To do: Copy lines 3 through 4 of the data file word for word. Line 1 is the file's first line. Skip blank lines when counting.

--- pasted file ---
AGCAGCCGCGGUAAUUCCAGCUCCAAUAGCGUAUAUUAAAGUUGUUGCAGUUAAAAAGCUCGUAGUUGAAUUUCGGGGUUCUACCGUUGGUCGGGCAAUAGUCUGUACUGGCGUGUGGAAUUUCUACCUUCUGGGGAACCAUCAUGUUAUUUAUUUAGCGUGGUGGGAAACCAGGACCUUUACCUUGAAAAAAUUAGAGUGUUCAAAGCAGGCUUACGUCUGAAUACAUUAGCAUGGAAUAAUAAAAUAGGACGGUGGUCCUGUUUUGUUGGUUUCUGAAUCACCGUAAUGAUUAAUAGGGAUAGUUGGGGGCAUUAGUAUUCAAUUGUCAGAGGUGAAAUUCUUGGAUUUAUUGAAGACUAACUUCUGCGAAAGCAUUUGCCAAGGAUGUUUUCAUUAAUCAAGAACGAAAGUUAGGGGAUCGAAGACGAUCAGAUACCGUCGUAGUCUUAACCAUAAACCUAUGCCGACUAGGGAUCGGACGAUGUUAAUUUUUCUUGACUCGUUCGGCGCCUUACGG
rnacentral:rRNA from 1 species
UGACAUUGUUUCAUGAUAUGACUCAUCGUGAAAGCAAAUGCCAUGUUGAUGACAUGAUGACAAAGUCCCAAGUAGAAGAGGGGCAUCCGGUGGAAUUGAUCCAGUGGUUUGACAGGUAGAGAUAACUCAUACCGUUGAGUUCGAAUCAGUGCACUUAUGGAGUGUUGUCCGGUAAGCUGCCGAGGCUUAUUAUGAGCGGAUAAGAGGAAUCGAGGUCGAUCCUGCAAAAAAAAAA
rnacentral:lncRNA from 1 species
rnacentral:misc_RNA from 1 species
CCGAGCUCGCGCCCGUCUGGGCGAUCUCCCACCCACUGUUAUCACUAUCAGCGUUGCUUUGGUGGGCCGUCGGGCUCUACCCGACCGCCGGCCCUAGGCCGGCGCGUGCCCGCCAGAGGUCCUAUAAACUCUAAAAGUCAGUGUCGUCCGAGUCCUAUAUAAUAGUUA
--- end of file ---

UGACAUUGUUUCAUGAUAUGACUCAUCGUGAAAGCAAAUGCCAUGUUGAUGACAUGAUGACAAAGUCCCAAGUAGAAGAGGGGCAUCCGGUGGAAUUGAUCCAGUGGUUUGACAGGUAGAGAUAACUCAUACCGUUGAGUUCGAAUCAGUGCACUUAUGGAGUGUUGUCCGGUAAGCUGCCGAGGCUUAUUAUGAGCGGAUAAGAGGAAUCGAGGUCGAUCCUGCAAAAAAAAAA
rnacentral:lncRNA from 1 species